As a DnD GM I can definitely see the fun you could have on this map. I'm generally not a massive fan of Dunjinni elements (which this looks like, kudos though if it isn't), mostly because of the duplicated elements that so often feature on a map. Case in point is your prison cells; whilst having the base image of the cell is fine (it IS a great image) I would personally go over them and add in some extra elements/shading/mark of my own so they didn't look so uniformed. A wood grain different to the others, a blood stain on one. It's not a big issue, but for me the best maps are the ones that really take into account the little details at the end, unfortunately it's usually the little things that our players really wouldn't care about so it's sometimes hardly worth the effort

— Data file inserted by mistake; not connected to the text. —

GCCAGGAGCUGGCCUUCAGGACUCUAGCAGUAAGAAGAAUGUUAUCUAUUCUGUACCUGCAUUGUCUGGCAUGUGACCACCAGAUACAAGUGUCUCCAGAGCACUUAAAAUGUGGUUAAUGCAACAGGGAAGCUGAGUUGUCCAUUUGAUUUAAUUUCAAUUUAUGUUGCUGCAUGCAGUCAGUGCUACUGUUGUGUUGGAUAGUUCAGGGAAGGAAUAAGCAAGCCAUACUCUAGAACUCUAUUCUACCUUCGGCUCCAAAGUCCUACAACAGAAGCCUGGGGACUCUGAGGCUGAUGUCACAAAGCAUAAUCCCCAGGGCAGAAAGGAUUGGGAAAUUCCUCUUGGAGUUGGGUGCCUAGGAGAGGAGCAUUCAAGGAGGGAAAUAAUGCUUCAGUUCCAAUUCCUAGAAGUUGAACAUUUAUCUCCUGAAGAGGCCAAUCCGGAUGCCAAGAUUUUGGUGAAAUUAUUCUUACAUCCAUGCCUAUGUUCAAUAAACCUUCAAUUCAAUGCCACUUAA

With the shadows you have clearly thought about the shadows on the walls and worked on the drop shadows of each object, however, the objects dont seem to cast shadows on other objects and so elements look "placed" on the map. For example the shadowing you've done on the walls to the floor should effect the objects that sit in that shadow (below comparison to get my meaning across a little better). As you will see it really ties the objects into the map a lot better overall. This can be done pretty easily by just creating a layer on top of them and going around the edges with a soft low opacity black brush (20%) for a quick and easy effect.